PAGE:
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Archive for May, 2014

SQL 2014 Learning Series # 10 – New Feature – Resource Governor to control I/O (Part 2)

Posted by blakhani on May 20, 2014


Reading theory is important but doing practical in real life helps remembering a concept for longer time. In last post about resource governor, we have learned the basics. In this blog, we would see resource governor in action. If you have SQL Server 2014 installed then you can easily follow the steps and copy/paste the scripts. As a demo, we would create two resource groups and pools which different settings.

Step 1: Create Resource Pools

As a first step, we would create resource pool for limiting IO done by a specific pool. ThousandIOPs sets the maximum I/Os per second (IOPS) to 1000 and TenIOPs sets maximum IOPS to 10. This is done via parameter MAX_IOPS_PER_VOLUME.

CREATE RESOURCE POOL [ThousandIOPs] WITH
(
    MAX_IOPS_PER_VOLUME = 1000
)
GO
CREATE RESOURCE POOL [TenIOPs]
WITH ( MAX_IOPS_PER_VOLUME = 10 ) GO

Step 2: Create Workload Groups tied to resource pool

In below code I created Resource Groups named “FastIO” and “SlowIO” and associated them with my Resource Pool named “ThousandIOPs” and “TenIOPs” respectively.

-- Create a  Workload Group for FastIO 
CREATE WORKLOAD GROUP [FastIO]
USING [ThousandIOPs]
GO
-- Create a new Workload Group for throttled IO
CREATE WORKLOAD GROUP [SlowIO]
USING [TenIOPs]
GO

 

Step 3: Define a classifier function to bind request to workgroup

In Step 3, I need to define a classifier function that will identify the resource group to which request should be categorized. You can notice that I have used SUSER_NAME() function to get resource group name as output parameter. In other words, if use SlowIO logs in, he would be bound to group SlowIO and hence tied to TenIOPs.

-- Create a Classifier Function for Resource Governor
Use Master
GO
CREATE FUNCTION dbo.MyClassifierFunction()
RETURNS SYSNAME WITH SCHEMABINDING
AS
BEGIN
    DECLARE @GroupName SYSNAME
    
    IF SUSER_NAME() = 'SlowIO'
    BEGIN
        SET @GroupName = 'SlowIO'
        RETURN @GroupName;
    END
    ELSE IF SUSER_NAME() = 'FastIO'
    BEGIN
        SET @GroupName = 'FastIO'
        RETURN @GroupName;
    END
    ELSE 
    BEGIN
        SET @GroupName = 'Default'
    END    
    RETURN @GroupName;
END
GO

Step 4: Register classifier_function to resource governor

So far we have setup Resource Governor to control I/O. We need to do one last thing.  We need to alter Resource Governor to use classifier function, defined in step3, and then reconfigure it to use all my new settings.  This can be done by running the following code:

-- Register the Classifier Function within Resource Governor
ALTER RESOURCE GOVERNOR WITH
(
    CLASSIFIER_FUNCTION = dbo.MyClassifierFunction
)
GO
-- Reconfigure resource governor
ALTER RESOURCE GOVERNOR RECONFIGURE
GO

Testing IO Resource Governor

To test resource governor, we will create two logins SlowIO and FastIO and they would be falling into different pools TenIOPs and ThousandIOPs respectively. I have given sysadmin rights for simplicity of demo.

Create login SlowIO with password = 'pass@word1'
GO
Create login FastIO with password = 'pass@word1'
GO
ALTER SERVER ROLE [sysadmin] ADD MEMBER [SlowIO]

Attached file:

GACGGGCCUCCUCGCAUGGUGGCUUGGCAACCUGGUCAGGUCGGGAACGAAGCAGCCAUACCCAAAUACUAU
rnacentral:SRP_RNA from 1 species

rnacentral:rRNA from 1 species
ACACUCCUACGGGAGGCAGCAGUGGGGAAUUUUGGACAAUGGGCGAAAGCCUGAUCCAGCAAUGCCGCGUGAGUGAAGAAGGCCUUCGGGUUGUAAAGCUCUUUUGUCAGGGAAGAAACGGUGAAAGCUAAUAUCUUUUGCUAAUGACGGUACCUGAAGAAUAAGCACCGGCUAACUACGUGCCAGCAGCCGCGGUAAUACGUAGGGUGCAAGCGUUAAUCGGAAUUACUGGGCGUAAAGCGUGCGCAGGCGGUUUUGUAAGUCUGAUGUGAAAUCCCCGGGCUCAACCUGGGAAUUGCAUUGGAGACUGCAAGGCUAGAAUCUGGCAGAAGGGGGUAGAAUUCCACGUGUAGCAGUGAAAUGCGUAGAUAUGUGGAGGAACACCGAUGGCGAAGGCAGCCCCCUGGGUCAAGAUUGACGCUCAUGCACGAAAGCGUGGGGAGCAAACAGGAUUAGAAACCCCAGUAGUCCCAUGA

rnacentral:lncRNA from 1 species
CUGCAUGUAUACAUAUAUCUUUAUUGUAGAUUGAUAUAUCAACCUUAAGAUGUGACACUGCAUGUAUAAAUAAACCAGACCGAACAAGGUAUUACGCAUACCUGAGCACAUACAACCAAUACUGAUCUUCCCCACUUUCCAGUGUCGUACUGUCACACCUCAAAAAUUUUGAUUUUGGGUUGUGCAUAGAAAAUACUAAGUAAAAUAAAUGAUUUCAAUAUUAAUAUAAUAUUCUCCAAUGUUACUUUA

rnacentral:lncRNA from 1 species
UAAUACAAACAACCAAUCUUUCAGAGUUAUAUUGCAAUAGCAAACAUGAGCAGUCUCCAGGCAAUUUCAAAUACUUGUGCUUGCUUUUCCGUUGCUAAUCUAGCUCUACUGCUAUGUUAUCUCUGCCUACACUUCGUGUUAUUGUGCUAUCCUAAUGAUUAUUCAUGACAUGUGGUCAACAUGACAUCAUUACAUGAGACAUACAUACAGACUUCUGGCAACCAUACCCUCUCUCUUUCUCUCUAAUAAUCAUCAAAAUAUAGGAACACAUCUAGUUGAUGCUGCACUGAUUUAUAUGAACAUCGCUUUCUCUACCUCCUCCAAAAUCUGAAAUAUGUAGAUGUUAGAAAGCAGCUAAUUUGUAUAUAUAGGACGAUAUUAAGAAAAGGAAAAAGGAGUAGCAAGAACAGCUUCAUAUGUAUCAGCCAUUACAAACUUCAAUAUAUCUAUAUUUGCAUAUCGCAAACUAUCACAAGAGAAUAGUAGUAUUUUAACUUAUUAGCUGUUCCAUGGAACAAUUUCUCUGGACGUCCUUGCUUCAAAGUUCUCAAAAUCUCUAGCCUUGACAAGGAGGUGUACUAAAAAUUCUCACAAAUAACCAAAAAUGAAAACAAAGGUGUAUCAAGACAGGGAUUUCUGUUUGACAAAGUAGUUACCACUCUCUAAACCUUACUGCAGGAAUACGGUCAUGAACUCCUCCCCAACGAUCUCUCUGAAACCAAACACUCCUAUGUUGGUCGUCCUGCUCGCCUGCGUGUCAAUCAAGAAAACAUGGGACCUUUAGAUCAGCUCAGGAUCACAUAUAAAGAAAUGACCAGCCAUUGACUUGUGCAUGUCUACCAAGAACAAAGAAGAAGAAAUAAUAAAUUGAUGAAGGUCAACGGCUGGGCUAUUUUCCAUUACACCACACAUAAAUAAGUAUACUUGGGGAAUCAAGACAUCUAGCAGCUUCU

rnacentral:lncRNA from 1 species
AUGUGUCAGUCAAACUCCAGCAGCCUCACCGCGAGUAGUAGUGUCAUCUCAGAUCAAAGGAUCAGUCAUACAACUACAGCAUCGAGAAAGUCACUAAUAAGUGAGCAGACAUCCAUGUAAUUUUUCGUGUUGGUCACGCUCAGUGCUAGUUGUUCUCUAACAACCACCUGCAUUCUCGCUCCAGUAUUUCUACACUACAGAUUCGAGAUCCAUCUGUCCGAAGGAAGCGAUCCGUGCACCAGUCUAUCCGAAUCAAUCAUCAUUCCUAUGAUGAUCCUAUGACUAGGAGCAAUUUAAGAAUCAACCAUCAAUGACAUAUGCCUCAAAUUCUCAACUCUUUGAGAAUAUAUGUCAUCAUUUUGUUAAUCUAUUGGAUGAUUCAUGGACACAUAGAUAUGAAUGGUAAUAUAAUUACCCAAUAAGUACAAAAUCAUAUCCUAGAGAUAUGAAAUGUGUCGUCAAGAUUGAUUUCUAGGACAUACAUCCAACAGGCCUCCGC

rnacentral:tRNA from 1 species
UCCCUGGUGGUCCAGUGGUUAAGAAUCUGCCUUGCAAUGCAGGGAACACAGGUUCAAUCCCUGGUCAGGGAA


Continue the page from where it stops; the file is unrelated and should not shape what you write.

GO
ALTER SERVER ROLE [sysadmin] ADD MEMBER [FastIO]
GO

 

Create database, table and populate data using below script.

CREATE DATABASE rgiotest 
go 
USE rgiotest; 
go 
CREATE TABLE iotest 
  ( 
     id             INT IDENTITY  CONSTRAINT [PK_IOTest_ID] PRIMARY KEY CLUSTERED (id ASC), 
     iintegercolumn INT, 
     ccharcolumn    CHAR(50) 
  ); 
go 
SET nocount ON; 
INSERT INTO iotest 
            (iintegercolumn, 
             ccharcolumn) 
SELECT TOP (20000) Row_number() 
                     OVER( 
                       ORDER BY a.object_id), 
                   'X'
FROM   sys.all_columns AS a 
       CROSS JOIN sys.all_columns AS b
go 100 -- this would run above insert 100 times

Above script took around 30 seconds on my laptop. Now, I would run the script to do a lots of read using two different logins.

CHECKPOINT
DBCC DROPCLEANBUFFERS

USE RGIOTEST;
GO
IF OBJECT_ID ('tempdb..#IOTest') is not null
   DROP TABLE #IOTest;
GO
SELECT top 2000000 * INTO #IOTest FROM IOTest;
GO

I have used DROPCLEANBUFFERS in above script because I don’t want SQL to read data from memory but do a physical IO.

Logged in using SlowIO account

image

Script has taken 37 seconds and below is the perfmon counters which I have spoken in last blog.

image

The value is throttled to around 10 which is what we have capped (MAX_IOPS_PER_VOLUME = 10)

Logged into using FastIO account

image

Here the same query executed in 4 seconds.

image

The value is much under control. We have capped to 1000 and we are much under limits.

I must say that the demo shown here is extremely simple, but you can must have got an understanding about you how to setup and use the Resource Governor to throttle IO in SQL Server 2014.

Hope you are learning something new about SQL Server 2014 from this series.

  • Cheers,
  • Balmukund Lakhani
  • Twitter @blakhani
  • Author: SQL Server 2012 AlwaysOnPaperback, Kindle
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    Posted in SQL 2014 Learning Series, SQL Server 2014 | Tagged: , , , | 3 Comments »

    SQL 2014 Learning Series # 9 – New Feature – Resource Governor to control I/O (Part 1)

    Posted by blakhani on May 15, 2014


    Have you ever come across a situation where you want to re-index complete database and other queries are facing slowness because of IO bottleneck? In earlier version of SQL Server, resource governor was available for CPU and memory. In SQL Server 2014, resource governor for IO was also introduced. This would enable DBA to manage and control the allocation of resources. To read more about earlier version, you can refer books online. As per documentation, below are the goals which were thought while designing RG: